We serve a diverse audience of readers engaged
in regenerative, organic and sustainable agriculture
at many levels for many reasons. We want to hear
from you about the issues that are important to
your life and work, and your vision for agriculture
that builds a strong future.
We run selected comments from readers in this
space. Please tell us who you are, with name,
address and phone number for verification. Sending
correspondence to us conveys a right to us to
publish it as is, or in a form edited for length
and/or style. Opinions expressed in this space
do not necessarily represent the perspective of
The New Farm® or The Rodale Institute®.
If you have something important to say about
agriculture in a sustainable global food system,
please -- speak
suit article does not even scratch the surface of the
misleading framing by the likes of [Organic Valley CEO] George
Siemon. The changes mandated by the appeals court would not
eliminate any products, only the way in which they must be
labeled “organic” or “made from organic.”
This was wisely adopted in the law to avoid the debate now
going on about synthetics as ingredients in food products
labeled “organic.” The OFPA [Organic Food Production
Act] clearly avoided the argument by prohibiting or exempting
synthetic ingredients, depending on how a product is labeled.
Since it is permitted to disclose a “percentage organic”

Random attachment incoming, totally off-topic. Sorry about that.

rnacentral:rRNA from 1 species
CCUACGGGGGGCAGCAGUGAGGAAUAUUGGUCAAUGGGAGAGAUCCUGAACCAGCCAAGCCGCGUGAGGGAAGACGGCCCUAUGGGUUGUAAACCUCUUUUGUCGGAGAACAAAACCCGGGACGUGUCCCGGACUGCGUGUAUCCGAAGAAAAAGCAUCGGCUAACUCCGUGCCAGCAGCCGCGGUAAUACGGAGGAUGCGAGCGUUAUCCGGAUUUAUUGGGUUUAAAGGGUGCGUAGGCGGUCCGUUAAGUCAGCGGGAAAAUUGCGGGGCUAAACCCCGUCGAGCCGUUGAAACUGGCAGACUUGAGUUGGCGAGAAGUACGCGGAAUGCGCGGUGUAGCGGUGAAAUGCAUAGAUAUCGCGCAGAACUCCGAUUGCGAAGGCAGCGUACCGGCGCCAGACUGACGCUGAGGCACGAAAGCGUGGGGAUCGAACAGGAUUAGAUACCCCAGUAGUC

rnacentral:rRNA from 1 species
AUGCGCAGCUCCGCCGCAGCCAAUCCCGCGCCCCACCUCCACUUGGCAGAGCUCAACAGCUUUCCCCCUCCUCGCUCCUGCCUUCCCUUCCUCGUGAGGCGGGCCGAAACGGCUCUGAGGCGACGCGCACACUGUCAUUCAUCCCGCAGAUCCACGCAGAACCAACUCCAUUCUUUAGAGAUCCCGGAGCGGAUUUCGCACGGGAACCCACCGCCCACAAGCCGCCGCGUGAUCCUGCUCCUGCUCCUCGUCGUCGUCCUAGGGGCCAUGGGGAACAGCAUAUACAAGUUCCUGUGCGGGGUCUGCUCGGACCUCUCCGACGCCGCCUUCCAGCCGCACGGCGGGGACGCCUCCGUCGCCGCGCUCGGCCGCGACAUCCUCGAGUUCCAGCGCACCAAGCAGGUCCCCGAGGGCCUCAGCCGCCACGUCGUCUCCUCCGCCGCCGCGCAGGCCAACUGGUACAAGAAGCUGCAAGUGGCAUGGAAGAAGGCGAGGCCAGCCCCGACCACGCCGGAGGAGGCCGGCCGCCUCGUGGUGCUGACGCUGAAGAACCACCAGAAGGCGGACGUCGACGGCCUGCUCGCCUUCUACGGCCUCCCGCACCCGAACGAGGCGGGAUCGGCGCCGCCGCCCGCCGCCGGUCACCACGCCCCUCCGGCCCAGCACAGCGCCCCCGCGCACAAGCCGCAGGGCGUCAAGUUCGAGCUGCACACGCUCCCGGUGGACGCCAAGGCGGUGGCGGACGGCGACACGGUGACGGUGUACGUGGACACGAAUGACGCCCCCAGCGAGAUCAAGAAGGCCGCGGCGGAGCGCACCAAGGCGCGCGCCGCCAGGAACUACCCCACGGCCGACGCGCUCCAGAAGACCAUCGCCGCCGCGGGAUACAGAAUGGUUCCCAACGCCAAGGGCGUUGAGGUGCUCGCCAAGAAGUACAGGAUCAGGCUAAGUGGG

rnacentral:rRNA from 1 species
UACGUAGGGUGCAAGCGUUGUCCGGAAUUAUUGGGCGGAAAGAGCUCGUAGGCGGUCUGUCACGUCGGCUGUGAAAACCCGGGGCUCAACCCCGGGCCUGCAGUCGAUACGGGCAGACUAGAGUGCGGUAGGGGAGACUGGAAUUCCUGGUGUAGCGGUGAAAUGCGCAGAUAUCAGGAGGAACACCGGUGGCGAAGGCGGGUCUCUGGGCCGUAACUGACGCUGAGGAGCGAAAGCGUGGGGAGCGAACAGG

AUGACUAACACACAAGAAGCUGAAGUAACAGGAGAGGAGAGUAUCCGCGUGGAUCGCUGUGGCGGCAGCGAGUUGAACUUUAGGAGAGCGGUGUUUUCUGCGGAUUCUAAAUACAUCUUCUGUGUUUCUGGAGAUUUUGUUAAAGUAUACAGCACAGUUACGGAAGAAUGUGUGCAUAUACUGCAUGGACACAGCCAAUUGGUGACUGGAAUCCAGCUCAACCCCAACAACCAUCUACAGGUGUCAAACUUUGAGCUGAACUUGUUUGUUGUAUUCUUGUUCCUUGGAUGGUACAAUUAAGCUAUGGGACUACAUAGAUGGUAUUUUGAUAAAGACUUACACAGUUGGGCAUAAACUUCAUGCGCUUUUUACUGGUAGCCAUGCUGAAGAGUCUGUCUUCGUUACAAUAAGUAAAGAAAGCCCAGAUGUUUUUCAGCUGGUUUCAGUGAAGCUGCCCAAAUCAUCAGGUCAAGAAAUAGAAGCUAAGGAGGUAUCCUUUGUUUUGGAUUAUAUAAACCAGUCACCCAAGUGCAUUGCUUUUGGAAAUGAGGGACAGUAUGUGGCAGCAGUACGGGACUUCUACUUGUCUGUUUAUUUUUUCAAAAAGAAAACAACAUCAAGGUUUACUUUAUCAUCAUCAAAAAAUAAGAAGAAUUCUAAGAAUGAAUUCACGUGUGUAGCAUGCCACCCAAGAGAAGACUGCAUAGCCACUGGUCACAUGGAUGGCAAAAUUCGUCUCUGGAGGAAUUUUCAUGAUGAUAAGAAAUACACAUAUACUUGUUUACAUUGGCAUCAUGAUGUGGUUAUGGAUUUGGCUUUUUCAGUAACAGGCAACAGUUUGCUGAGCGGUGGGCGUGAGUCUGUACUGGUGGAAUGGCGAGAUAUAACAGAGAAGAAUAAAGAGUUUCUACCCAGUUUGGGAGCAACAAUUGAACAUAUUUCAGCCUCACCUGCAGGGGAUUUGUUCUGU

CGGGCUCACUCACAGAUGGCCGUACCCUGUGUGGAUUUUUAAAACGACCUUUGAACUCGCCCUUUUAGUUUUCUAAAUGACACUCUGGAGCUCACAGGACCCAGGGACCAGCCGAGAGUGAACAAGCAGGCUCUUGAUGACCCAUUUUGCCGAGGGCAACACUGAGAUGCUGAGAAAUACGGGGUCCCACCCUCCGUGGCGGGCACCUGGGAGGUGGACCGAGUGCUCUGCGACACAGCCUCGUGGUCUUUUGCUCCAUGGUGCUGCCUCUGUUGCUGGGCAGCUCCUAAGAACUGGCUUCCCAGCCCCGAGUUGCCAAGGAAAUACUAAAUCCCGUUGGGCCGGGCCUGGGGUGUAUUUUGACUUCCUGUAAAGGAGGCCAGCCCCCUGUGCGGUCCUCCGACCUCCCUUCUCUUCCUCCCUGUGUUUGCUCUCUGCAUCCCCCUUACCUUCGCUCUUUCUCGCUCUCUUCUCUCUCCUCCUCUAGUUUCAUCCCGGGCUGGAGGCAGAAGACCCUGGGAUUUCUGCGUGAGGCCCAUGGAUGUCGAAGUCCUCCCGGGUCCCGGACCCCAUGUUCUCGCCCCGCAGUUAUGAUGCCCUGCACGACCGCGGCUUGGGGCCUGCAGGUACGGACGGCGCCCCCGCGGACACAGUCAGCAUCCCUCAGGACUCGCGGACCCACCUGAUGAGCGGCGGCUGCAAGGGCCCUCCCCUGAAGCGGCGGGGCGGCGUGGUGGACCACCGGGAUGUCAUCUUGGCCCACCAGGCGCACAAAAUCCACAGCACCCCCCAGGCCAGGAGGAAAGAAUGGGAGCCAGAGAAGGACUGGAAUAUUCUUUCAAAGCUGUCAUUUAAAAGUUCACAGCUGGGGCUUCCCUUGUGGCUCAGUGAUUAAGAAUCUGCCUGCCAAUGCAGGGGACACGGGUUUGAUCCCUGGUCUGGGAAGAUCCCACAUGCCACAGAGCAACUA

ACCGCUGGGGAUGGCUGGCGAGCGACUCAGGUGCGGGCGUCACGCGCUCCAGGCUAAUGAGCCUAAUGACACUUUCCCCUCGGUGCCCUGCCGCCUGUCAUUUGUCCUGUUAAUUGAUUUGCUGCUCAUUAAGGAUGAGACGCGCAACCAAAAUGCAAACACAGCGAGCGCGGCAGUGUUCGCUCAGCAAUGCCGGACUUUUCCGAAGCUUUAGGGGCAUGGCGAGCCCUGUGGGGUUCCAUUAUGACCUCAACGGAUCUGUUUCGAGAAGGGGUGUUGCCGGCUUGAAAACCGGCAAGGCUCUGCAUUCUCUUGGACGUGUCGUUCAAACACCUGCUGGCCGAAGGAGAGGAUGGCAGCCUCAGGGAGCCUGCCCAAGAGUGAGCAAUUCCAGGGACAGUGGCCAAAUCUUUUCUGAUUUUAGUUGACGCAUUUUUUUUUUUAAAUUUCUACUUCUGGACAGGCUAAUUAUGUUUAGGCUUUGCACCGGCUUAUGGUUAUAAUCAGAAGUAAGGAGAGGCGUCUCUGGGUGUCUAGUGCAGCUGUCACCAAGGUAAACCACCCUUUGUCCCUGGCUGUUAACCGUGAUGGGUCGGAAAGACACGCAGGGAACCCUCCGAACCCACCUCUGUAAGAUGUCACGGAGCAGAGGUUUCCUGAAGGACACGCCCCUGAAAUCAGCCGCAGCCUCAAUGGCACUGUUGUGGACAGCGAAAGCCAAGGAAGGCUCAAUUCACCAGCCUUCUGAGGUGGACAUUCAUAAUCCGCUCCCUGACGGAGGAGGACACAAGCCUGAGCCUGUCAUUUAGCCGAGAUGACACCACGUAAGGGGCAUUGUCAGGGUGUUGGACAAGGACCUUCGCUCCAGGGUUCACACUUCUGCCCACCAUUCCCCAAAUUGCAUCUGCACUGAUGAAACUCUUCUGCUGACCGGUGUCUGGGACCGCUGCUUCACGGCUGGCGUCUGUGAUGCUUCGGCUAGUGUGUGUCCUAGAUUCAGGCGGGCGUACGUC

on the main display panel, it is clearly not a burden to manufacturers
to not be able to call every one of their products “organic”
and leaves properly the decision of whether to buy with the
individual consumer, who can read the label, not be deceived
(even if in a hurry) and avoids the quagmire—for the
NOSB [National Organic Standards Board]—of listing synthetics.
This would be the same quagmire for congress if the list were
to be generated in a revised statute! There would be an "oops,
we forgot one" every moment going forward.
Only those who wish to deceive customers would want it any
other way. Congress did not intend, nor should they have intended,
to force the NOSB to revisit the FDA’s G.R.A.S. [Generally
Recognized as Safe] list. So they very wisely wrote the statute
to avoid it. To frame the issue—as the Organic Trade
Association wants to—as "What's wrong with baking
soda?" is fundamentally dishonest and violating the most
basic tenets of the organic community: transparency and precautionary.
With respect to the "new herd clause” (80/20 for
dairy), in framing the issue as crucial for "new organic
farmers” evasion of fundamentals also flows. Since all
milk is pooled, the pool no longer meets the standard, thus
hurting the preexisting organic members of the pool and reducing
the fair price of milk for these farmers—all on the
altar of growth for a mega-processor, whether corporate or
cooperative—and thereby preventing all existing organic
farmers from enjoying the benefits of rising demand. Supporting
growth should not come at the expense of lowered standards
and pool quality but from incentives derived from other programs,
be they government, volunteer or private!